fiduciary


Also found in: Dictionary, Thesaurus, Medical, Financial, Acronyms, Encyclopedia, Wikipedia.

Fiduciary

An individual in whom another has placed the utmost trust and confidence to manage and protect property or money. The relationship wherein one person has an obligation to act for another's benefit.

A fiduciary relationship encompasses the idea of faith and confidence and is generally established only when the confidence given by one person is actually accepted by the other person. Mere respect for another individual's judgment or general trust in his or her character is ordinarily insufficient for the creation of a fiduciary relationship. The duties of a fiduciary include loyalty and reasonable care of the assets within custody. All of the fiduciary's actions are performed for the advantage of the beneficiary.

Courts have neither defined the particular circumstances of fiduciary relationships nor set any limitations on circumstances from which such an alliance may arise. Certain relationships are, however, universally regarded as fiduciary. The term embraces legal relationships such as those between attorney and client, Broker and principal, principal and agent, trustee and beneficiary, and executors or administrators and the heirs of a decedent's estate.

A fiduciary relationship extends to every possible case in which one side places confidence in the other and such confidence is accepted; this causes dependence by the one individual and influence by the other. Blood relation alone does not automatically bring about a fiduciary relationship. A fiduciary relationship does not necessarily arise between parents and children or brothers and sisters.

The courts stringently examine transactions between people involved in fiduciary relationships toward one another. Particular scrutiny is placed upon any transaction by which a dominant individual obtains any advantage or profit at the expense of the party under his or her influence. Such transaction, in which Undue Influence of the fiduciary can be established, is void.

fiduciary

1) n. from the Latin fiducia, meaning "trust," a person (or a business like a bank or stock brokerage) who has the power and obligation to act for another (often called the beneficiary) under circumstances which require total trust, good faith and honesty. The most common is a trustee of a trust, but fiduciaries can include business advisers, attorneys, guardians, administrators of estates, real estate agents, bankers, stock brokers, title companies, or anyone who undertakes to assist someone who places complete confidence and trust in that person or company. Characteristically, the fiduciary has greater knowledge and expertise about the matters being handled. A fiduciary is held to a standard of conduct and trust above that of a stranger or of a casual business person. He/she/it must avoid "self-dealing" or "conflicts of interests" in which the potential benefit to the fiduciary is in conflict with what is best for the person who trusts him/her/it. For example, a stockbroker must consider the best investment for the client, and not buy or sell on the basis of what brings him/her the highest commission. While a fiduciary and the beneficiary may join together in a business venture or a purchase of property, the best interest of the beneficiary must be primary, and absolute candor is required of the fiduciary. 2) adj. defining a situation or relationship in which a person is acting as a fiduciary for another. (See: trust, fiduciary relationship)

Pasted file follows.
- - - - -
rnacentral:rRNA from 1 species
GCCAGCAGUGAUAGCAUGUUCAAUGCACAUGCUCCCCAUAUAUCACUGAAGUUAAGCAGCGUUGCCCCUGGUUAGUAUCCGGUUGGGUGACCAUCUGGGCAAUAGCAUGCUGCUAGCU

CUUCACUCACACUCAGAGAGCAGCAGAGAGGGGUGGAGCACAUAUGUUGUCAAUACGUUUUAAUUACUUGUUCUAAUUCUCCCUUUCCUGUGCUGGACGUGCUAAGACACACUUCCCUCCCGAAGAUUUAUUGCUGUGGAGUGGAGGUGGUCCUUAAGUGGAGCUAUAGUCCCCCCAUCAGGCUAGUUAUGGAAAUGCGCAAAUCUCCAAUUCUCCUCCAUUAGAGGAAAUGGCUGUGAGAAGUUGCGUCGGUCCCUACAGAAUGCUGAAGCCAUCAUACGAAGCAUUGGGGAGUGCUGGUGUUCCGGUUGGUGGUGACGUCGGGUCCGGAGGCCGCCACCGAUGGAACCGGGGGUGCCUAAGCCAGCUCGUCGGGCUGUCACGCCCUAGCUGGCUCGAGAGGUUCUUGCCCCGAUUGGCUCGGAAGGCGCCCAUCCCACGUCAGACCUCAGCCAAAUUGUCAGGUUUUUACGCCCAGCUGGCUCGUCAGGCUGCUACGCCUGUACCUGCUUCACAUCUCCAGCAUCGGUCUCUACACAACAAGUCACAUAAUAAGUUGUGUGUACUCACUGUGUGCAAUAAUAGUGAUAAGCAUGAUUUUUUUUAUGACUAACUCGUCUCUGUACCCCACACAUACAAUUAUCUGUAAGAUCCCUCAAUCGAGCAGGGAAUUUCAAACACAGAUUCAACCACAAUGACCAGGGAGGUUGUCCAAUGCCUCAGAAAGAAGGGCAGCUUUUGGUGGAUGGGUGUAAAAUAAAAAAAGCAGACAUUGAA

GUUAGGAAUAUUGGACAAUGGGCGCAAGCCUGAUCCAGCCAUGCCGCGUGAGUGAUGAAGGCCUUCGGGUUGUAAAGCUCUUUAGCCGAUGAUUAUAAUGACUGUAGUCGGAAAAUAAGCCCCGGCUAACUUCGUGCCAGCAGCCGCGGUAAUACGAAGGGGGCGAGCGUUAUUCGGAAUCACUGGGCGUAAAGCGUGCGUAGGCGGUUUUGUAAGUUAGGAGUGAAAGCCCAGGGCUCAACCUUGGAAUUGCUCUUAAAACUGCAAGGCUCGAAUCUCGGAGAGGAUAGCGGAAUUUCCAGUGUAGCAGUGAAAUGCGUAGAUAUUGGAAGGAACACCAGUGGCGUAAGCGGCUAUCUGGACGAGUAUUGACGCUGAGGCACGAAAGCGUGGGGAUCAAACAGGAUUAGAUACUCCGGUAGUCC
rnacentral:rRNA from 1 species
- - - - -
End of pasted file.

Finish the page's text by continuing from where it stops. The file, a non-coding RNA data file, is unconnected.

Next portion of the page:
fiduciary

adjective commanding belief, commanddng confidence, confidential, deserving belief, fiducial, founded in confidence, reliable, sound, trusted, worthy of belief, worthy of credence
Associated concepts: fiduciary bequest, fiduciary bond, fiduuiary capacity, fiduciary relation

fiduciary

noun agent, caretaker, custodian, guardian, one who handles property for another, one who transacts business for another, person entrusted with property of another, trustee
Associated concepts: escrow, trust
See also: executor, pecuniary, trustee
References in periodicals archive ?
Part III explains the problem of intent with fiduciary government.
Part IV lays out the problem of function with fiduciary government.
7) The juridical justification for fiduciary duties contends that formal characteristics of the fiduciary relationship support fiduciary duties in all circumstances in which fiduciary duties arise.
Part II offers a thin description of the juridical character of fiduciary liability, making stipulations necessary to motivate the critical and constructive contributions of the article.
The question might have been answered, at least in California, in 2011, in a Court of Appeal opinion that flat refused to extend fiduciary duties to insurance brokers.
That can be strong medicine against an attack of the fiduciary influenza.
The duty of loyalty is the obligation undertaken by the fiduciary to exercise his power in a manner that he believes in good faith will best advance the interests or purposes of his principal, and conversely, not to exercise his power for personal benefit.
Other fiduciary duties that may fall on mortgage brokers include the duty to disclose all loan information to the borrower (e.
A fiduciary duty may arise either expressly or impliedly.
A fiduciary duty arises expressly by contract when the parties specifically agree to a relationship, such as the attorney/client or agent/principal relationship, that is considered to be a fiduciary relationship.
Have a Process: Make sure your company has a solid fiduciary process in place.
In short, we should accept close friendship as triggering certain fiduciary duties.